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Strawberry goat cheese bruschetta with honey and mint will help you enjoy and share the season’s best. Developed with love once upon a time for WNYC. Ready in 20 minutes.

strawberry goat cheese bruschetta on a blue plate
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Why we love this recipe

Strawberry goat cheese bruschetta makes a sweet and savory snack or starter. It’s a great way to highlight best-of-season strawberries and share them with friends. It’s layered with:

  • Perfectly crisp, toasty baguette slices
  • Creamy fresh goat cheese enhanced with a bit of honey and lemon juice
  • Ruby red strawberries speckled with mint and sweetened with a dash of honey
  • All finished with flaky salt, a sprinkle of pepper, and a little more honey if you like

I first published this recipe here and with WNYC back in 2010. I’ve since updated the post for clarity and tweaked the recipe a bit. If you’re a fan of old-school blog stories, you can scroll below the recipe card to read the original post.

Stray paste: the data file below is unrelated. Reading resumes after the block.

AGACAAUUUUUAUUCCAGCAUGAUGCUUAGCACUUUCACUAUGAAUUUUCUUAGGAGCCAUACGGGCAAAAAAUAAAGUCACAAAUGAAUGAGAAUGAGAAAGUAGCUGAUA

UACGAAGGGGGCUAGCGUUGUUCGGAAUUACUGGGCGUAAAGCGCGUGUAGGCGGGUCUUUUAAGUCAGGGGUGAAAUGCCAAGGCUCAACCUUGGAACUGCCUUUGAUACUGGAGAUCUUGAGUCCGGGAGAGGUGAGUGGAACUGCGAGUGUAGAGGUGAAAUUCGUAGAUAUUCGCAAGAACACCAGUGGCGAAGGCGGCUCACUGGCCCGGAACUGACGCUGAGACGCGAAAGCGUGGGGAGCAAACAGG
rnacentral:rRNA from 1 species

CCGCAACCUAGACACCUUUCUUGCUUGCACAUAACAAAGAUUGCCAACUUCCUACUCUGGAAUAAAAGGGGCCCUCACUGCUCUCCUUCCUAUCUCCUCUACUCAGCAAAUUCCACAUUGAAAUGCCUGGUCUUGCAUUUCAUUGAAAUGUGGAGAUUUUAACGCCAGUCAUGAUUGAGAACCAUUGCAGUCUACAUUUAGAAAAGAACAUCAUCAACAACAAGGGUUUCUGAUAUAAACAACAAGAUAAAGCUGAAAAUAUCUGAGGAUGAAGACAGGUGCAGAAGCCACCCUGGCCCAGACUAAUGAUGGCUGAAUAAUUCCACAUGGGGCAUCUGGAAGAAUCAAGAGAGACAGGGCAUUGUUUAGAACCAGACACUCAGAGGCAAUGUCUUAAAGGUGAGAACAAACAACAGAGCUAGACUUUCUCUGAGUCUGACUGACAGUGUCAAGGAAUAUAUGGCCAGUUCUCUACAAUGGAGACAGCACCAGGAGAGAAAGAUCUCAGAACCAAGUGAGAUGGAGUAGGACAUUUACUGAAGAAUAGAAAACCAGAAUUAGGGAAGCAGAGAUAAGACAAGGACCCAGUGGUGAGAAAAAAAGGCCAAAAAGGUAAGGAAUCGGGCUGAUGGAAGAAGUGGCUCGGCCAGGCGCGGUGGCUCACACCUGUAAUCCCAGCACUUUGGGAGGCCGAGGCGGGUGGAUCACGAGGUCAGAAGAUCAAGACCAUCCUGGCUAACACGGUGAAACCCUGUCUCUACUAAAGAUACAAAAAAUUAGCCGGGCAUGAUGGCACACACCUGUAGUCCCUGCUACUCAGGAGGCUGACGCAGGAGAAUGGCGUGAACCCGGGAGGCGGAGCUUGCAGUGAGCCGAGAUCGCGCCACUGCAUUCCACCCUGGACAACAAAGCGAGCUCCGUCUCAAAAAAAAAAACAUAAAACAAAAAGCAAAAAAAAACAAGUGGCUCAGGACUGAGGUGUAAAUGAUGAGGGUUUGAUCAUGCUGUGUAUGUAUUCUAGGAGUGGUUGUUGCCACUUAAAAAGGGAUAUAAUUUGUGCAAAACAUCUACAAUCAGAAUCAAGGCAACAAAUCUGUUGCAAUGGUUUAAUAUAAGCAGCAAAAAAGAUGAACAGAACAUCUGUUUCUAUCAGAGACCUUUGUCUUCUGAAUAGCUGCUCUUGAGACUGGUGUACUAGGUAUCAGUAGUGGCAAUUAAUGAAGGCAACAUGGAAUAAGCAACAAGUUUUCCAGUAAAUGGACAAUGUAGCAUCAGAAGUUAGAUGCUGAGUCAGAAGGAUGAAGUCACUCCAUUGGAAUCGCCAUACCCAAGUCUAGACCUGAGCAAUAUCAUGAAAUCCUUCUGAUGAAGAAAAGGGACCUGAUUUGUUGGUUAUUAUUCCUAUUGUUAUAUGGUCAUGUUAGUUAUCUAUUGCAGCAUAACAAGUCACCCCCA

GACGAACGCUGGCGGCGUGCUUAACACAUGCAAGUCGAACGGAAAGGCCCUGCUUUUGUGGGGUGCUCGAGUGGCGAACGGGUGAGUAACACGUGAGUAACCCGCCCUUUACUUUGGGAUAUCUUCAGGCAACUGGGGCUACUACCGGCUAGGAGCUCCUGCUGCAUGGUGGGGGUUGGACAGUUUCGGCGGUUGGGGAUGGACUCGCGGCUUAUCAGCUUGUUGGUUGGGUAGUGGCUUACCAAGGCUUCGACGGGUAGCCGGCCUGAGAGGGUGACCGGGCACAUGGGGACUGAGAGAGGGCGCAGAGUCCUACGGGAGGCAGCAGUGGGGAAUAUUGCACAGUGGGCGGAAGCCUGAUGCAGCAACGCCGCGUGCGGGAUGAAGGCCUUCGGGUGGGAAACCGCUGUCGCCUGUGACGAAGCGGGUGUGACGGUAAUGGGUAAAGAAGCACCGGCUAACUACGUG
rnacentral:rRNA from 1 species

What you’ll need

Here’s a glance at the ingredients you’ll need to make this recipe.

ingredients in bowls
  • If you can find diminutive, perfectly ripe local strawberries, this is a great place to use them. If not, you can totally make this recipe with supermarket strawberries too.
  • I like to use a run-of-the-mill mild-tasting honey from the supermarket. You can use whatever kind you really like.
  • A little bit of fresh mint pairs beautifully with the strawberries, honey, and goat cheese. Basil (also in the mint family) makes a great alternative if you feel like changing it up.
  • Fresh goat cheese (also called chèvre) is creamy, tangy, and savory. It’s a beautiful way to bridge the sweet and savory elements in this recipe. You could substitute ricotta if you like, with no further changes to the recipe.

How to make it

Here’s an overview of what you’ll do to make strawberry goat cheese bruschetta. You can see the steps in action in the video that accompanies this post, and get all the details in the recipe card below.

step by step